This was consistent with the localization pattern described in mouse oocytes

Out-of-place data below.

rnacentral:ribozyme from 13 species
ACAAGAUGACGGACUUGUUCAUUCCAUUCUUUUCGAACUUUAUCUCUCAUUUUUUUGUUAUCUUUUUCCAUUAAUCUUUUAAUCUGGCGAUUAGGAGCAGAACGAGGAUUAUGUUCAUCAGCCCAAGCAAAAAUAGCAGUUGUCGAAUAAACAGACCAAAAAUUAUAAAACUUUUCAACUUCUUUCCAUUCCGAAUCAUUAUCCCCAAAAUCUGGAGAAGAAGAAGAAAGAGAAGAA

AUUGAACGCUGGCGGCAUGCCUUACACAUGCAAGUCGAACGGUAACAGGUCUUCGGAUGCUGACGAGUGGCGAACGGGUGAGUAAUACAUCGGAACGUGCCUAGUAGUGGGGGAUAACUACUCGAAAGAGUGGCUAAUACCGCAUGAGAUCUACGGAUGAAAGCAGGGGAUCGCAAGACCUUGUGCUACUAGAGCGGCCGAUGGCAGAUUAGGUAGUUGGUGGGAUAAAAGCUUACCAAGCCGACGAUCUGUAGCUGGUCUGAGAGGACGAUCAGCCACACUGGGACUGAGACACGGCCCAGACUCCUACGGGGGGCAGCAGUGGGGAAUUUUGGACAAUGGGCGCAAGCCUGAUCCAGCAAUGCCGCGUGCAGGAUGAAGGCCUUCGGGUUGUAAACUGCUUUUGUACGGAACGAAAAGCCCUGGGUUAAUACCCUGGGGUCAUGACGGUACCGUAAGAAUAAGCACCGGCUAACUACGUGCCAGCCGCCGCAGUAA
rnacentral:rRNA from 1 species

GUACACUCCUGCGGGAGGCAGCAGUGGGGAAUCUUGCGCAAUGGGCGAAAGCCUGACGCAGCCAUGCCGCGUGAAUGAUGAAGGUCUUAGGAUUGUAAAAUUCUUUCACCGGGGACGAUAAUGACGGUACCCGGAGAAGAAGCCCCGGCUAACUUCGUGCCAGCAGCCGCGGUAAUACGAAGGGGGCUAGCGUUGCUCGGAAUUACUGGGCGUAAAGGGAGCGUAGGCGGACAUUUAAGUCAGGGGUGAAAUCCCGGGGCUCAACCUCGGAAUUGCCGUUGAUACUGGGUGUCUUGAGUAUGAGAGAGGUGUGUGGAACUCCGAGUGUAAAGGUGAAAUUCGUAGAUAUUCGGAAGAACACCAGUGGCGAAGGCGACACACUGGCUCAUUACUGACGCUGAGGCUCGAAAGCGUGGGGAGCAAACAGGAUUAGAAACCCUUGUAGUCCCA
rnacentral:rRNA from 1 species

in-myosin glideosome motor that is linked to transmembrane surface adhesins such as CTRP, a large protein composed of seven thrombospondin and six von Willebrand factor A domains, of which only the proximal A domains appear to be essential to locomotion. The validity of the conventional glideosome model has recently been challenged by controversial data from Toxoplasma suggesting neither actin nor myosin is essential for locomotion. The spiral architecture of the microtubular ookinete skeleton dictates both the overall shape of the ookinete and the direction of movement, which may be optimal to drive the parasite through the particulate and increasingly `viscous’ bloodmeal. Whether the movement of the ookinete is in any way directed to the midgut epithelium is not known, but interaction with the complex layers of the midgut epithelium is certainly not understood. The epithelium is composed of 2014 The Author. Cellular Microbiology published by John Wiley & Sons Ltd, Cellular Microbiology, 17, 451466 458 R. E. Sinden three layers: the chitinous PTM, which is secreted at the time of bloodmeal ingestion; the tubular network; and the cell epithelium monolayer. Traversal of the PTM is assisted by the secretion of one or more chitinase enzymes, one secreted as a pro-enzyme that is reportedly activated by the mosquito trypsins. Addition of the chitinase inhibitor allosamidin to bloodmeals containing P. gallinaceum or P. falciparum reduced oocyst numbers, and in P. berghei knockout of chitinase 1 reduces infectivity significantly. CF-101 site Microscopic evidence has been interpreted as suggesting that ookinetes preferentially invade/lyse epithelial cells at the posterior of the midgut, and close to intercellular junctions. Early work suggested that the `preferential’ oocyst distribution at the posterior midgut was simply due to the sedimentation of the iRBC in the bloodmeal during the prolonged period when the bloodfed female mosquitoes rest `head-up’ after the feed. The validity of this early observation has, however, been questioned. Studies in the 1990s showing that ookinetes in the midgut wall frequently co-located with v-ATPase activity led workers to suggest that ookinetes invaded a specific subclass of epithelial cell, which they termed the `Ross Cell’. The study, however, failed to recognize that v-ATPase might be up-regulated following, and not before, invasion. To some, the most compelling data suggesting there is a specific epithelial ligand bound by the ookinete comes from antibody blockade studies where anti-P25, -P28, enolase and AgAPN1 antibodies can inhibit invasion. However, it must be PubMed ID: recognized that coating abundant surface moieties with antibodies does not necessarily identify specific ligands. Other molecules reducing ookinete invasion by unknown mechanisms when added to the bloodmeal include PLA2, bee venom and the peptides SHIVA, and SM1. Early data strongly suggested that ookinetes can recognize and lyse RBC exactly the same mechanisms now believed to mediate midgut invasion, it is thus tempting to speculate that the host molecules inducing secretion of the lytic contents of the abundant micronemes are shared between the RBC and mosquito epithelial cells. In our efforts to develop ever improved transmission-blocking vaccines, we must recognize we know too little of the molecular architecture and immunogenic potential of the ookinete surface. Twelve to 36 h following ookineteepithelium interaction, the secretions from micronemes lys